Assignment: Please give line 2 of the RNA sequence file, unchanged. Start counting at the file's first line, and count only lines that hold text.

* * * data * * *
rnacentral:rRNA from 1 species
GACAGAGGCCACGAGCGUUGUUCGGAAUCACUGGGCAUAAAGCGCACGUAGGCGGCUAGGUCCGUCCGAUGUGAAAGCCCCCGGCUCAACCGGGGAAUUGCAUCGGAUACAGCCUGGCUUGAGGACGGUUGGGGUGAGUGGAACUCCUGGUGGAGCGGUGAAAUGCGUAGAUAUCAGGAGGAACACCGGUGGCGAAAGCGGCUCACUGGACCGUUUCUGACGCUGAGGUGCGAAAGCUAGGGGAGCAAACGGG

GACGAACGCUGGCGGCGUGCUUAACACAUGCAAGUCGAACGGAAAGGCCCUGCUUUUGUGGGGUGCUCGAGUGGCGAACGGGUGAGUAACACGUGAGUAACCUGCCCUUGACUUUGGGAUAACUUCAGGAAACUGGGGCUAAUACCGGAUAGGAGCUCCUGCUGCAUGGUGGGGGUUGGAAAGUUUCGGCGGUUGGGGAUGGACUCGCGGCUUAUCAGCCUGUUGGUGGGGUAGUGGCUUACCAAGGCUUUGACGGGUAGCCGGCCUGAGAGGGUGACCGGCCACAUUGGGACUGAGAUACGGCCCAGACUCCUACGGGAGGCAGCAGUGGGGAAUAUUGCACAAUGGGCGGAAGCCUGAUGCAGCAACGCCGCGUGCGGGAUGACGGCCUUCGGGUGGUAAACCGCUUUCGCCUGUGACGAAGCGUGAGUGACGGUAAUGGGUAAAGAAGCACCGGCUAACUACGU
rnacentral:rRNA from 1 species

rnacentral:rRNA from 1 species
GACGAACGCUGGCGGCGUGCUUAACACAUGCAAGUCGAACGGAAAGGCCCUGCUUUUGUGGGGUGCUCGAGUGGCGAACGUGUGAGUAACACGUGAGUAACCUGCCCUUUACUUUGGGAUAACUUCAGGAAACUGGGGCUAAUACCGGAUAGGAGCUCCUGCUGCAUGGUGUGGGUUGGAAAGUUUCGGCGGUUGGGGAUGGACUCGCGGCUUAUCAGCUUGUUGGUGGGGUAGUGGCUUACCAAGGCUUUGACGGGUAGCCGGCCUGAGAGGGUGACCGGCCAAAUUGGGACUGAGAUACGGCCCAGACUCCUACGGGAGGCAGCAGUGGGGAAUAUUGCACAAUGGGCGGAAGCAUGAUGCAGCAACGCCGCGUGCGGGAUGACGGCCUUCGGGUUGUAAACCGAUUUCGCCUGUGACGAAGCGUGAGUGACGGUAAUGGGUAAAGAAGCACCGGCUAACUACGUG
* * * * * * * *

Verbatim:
GACAGAGGCCACGAGCGUUGUUCGGAAUCACUGGGCAUAAAGCGCACGUAGGCGGCUAGGUCCGUCCGAUGUGAAAGCCCCCGGCUCAACCGGGGAAUUGCAUCGGAUACAGCCUGGCUUGAGGACGGUUGGGGUGAGUGGAACUCCUGGUGGAGCGGUGAAAUGCGUAGAUAUCAGGAGGAACACCGGUGGCGAAAGCGGCUCACUGGACCGUUUCUGACGCUGAGGUGCGAAAGCUAGGGGAGCAAACGGG